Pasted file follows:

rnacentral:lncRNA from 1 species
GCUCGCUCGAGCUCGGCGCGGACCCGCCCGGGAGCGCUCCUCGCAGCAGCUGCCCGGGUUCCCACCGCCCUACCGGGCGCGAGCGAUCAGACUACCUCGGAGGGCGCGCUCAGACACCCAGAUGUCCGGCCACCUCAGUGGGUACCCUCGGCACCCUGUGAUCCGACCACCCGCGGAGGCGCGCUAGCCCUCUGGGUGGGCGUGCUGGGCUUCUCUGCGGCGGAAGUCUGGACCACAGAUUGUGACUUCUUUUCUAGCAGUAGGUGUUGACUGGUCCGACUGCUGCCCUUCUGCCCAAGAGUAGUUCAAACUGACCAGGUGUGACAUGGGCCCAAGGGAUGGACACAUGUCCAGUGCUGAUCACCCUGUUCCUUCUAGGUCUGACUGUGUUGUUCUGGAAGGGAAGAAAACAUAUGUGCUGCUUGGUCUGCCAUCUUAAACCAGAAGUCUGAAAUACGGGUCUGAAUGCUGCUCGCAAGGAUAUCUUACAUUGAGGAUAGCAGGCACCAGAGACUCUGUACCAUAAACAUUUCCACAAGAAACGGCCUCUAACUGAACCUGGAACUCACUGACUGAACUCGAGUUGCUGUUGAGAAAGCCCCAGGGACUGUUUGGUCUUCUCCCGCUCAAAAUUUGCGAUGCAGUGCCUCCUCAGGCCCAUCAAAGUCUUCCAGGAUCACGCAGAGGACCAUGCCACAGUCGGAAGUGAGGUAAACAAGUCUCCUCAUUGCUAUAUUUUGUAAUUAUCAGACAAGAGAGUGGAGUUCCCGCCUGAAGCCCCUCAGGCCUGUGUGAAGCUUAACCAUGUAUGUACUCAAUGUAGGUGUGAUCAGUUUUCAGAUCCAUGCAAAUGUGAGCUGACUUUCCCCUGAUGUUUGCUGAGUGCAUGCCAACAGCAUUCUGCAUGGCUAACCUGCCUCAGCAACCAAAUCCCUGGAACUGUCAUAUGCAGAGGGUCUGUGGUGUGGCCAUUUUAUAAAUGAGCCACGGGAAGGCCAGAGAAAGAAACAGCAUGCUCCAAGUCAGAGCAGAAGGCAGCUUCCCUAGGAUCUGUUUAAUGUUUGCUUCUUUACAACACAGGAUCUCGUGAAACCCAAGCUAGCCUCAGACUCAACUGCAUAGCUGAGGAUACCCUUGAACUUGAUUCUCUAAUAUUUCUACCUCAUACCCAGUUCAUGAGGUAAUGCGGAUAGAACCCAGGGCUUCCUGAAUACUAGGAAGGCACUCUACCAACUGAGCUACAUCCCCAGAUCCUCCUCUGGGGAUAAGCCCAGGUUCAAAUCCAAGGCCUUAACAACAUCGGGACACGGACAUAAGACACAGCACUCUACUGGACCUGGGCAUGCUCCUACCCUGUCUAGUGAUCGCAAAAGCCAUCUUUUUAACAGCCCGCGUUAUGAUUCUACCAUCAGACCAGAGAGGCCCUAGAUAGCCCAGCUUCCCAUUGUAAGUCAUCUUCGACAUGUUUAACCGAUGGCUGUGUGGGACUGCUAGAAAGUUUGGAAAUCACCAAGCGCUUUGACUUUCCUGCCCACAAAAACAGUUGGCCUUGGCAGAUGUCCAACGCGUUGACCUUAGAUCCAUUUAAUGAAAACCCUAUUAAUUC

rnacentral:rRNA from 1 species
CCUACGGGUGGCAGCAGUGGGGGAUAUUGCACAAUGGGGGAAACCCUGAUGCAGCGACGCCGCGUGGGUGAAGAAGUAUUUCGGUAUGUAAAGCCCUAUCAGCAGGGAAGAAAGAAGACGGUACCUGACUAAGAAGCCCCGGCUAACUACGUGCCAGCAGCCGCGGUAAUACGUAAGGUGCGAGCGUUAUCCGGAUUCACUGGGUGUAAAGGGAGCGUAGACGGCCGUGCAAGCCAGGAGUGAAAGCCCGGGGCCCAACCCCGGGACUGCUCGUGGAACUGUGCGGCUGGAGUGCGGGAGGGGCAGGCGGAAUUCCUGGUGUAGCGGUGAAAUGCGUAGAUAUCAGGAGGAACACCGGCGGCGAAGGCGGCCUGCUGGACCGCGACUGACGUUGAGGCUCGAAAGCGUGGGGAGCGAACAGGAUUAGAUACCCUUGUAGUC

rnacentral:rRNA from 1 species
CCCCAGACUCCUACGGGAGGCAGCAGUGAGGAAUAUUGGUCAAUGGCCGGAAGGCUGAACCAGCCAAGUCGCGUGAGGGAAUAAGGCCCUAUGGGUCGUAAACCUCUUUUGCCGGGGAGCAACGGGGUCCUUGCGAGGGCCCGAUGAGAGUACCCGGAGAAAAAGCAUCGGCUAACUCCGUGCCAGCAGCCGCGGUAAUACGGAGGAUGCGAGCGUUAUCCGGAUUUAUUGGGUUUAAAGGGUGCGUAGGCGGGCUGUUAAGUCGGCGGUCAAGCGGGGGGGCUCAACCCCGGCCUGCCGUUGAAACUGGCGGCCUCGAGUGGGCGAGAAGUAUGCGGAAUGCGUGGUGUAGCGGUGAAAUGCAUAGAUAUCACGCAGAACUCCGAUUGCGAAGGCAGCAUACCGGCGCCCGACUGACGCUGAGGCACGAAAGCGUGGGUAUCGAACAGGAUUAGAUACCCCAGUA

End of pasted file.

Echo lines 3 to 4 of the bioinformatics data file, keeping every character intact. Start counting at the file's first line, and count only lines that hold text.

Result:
rnacentral:rRNA from 1 species
CCUACGGGUGGCAGCAGUGGGGGAUAUUGCACAAUGGGGGAAACCCUGAUGCAGCGACGCCGCGUGGGUGAAGAAGUAUUUCGGUAUGUAAAGCCCUAUCAGCAGGGAAGAAAGAAGACGGUACCUGACUAAGAAGCCCCGGCUAACUACGUGCCAGCAGCCGCGGUAAUACGUAAGGUGCGAGCGUUAUCCGGAUUCACUGGGUGUAAAGGGAGCGUAGACGGCCGUGCAAGCCAGGAGUGAAAGCCCGGGGCCCAACCCCGGGACUGCUCGUGGAACUGUGCGGCUGGAGUGCGGGAGGGGCAGGCGGAAUUCCUGGUGUAGCGGUGAAAUGCGUAGAUAUCAGGAGGAACACCGGCGGCGAAGGCGGCCUGCUGGACCGCGACUGACGUUGAGGCUCGAAAGCGUGGGGAGCGAACAGGAUUAGAUACCCUUGUAGUC